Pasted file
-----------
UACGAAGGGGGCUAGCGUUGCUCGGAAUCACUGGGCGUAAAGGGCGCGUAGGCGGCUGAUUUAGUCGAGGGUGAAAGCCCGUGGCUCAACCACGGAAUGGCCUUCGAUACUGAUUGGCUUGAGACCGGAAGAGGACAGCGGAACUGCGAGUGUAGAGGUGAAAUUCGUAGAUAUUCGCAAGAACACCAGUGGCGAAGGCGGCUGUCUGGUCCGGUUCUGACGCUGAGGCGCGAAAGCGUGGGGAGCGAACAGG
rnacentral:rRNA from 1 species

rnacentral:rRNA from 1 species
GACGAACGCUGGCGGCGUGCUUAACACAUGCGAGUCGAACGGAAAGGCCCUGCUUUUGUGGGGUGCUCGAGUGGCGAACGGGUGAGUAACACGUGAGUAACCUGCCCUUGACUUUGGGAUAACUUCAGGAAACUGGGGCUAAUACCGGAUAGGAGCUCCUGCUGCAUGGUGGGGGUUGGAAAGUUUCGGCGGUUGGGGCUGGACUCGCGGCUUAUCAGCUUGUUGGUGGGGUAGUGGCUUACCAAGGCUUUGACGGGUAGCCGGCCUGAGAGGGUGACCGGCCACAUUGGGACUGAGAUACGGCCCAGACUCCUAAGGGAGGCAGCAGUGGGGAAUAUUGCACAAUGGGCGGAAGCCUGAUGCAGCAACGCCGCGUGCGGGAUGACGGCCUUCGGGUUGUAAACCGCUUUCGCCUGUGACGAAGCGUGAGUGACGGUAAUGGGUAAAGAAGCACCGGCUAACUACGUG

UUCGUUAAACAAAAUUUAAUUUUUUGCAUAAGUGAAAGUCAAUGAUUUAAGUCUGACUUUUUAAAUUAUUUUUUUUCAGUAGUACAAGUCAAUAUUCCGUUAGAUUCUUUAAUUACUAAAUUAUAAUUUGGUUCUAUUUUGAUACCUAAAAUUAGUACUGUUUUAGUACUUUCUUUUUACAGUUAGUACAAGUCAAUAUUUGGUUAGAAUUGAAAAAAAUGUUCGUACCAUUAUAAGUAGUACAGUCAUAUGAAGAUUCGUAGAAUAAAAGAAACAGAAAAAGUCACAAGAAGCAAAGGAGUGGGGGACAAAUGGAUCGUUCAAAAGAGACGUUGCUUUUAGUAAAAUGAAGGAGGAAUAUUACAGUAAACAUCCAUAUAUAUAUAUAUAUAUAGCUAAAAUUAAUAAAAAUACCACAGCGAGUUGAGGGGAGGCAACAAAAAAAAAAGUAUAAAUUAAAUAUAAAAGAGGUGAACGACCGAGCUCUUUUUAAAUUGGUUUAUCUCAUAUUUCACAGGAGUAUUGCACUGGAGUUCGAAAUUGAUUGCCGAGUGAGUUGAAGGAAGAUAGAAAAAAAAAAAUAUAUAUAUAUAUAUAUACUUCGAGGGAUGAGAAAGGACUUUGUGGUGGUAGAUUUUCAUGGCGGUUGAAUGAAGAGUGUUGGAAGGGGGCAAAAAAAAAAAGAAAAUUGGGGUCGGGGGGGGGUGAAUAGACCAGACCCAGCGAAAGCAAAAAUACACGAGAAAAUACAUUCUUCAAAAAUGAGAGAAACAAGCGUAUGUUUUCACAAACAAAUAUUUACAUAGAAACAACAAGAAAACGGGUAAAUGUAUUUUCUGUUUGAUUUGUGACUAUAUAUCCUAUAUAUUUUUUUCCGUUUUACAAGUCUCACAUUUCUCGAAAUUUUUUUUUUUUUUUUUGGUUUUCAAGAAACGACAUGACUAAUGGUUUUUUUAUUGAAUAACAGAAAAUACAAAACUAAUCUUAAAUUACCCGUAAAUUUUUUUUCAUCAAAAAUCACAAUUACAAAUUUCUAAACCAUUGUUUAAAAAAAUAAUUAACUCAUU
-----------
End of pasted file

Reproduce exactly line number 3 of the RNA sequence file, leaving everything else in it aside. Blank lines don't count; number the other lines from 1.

rnacentral:rRNA from 1 species